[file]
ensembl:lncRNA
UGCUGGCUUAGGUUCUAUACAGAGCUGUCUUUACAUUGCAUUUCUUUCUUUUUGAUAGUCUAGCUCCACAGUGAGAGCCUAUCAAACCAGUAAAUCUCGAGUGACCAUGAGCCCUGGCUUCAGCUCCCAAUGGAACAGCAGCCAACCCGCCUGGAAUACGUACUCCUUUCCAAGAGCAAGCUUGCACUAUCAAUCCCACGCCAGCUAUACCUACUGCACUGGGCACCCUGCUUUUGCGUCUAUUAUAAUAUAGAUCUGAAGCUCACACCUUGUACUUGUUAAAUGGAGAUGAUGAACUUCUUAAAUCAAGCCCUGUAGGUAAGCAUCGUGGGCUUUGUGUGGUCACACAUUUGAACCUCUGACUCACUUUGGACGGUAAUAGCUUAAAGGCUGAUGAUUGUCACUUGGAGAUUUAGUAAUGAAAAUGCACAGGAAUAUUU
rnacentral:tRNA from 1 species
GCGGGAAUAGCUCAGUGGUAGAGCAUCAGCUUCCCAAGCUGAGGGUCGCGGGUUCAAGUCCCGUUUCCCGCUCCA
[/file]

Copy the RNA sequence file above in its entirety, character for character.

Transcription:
ensembl:lncRNA
UGCUGGCUUAGGUUCUAUACAGAGCUGUCUUUACAUUGCAUUUCUUUCUUUUUGAUAGUCUAGCUCCACAGUGAGAGCCUAUCAAACCAGUAAAUCUCGAGUGACCAUGAGCCCUGGCUUCAGCUCCCAAUGGAACAGCAGCCAACCCGCCUGGAAUACGUACUCCUUUCCAAGAGCAAGCUUGCACUAUCAAUCCCACGCCAGCUAUACCUACUGCACUGGGCACCCUGCUUUUGCGUCUAUUAUAAUAUAGAUCUGAAGCUCACACCUUGUACUUGUUAAAUGGAGAUGAUGAACUUCUUAAAUCAAGCCCUGUAGGUAAGCAUCGUGGGCUUUGUGUGGUCACACAUUUGAACCUCUGACUCACUUUGGACGGUAAUAGCUUAAAGGCUGAUGAUUGUCACUUGGAGAUUUAGUAAUGAAAAUGCACAGGAAUAUUU
rnacentral:tRNA from 1 species
GCGGGAAUAGCUCAGUGGUAGAGCAUCAGCUUCCCAAGCUGAGGGUCGCGGGUUCAAGUCCCGUUUCCCGCUCCA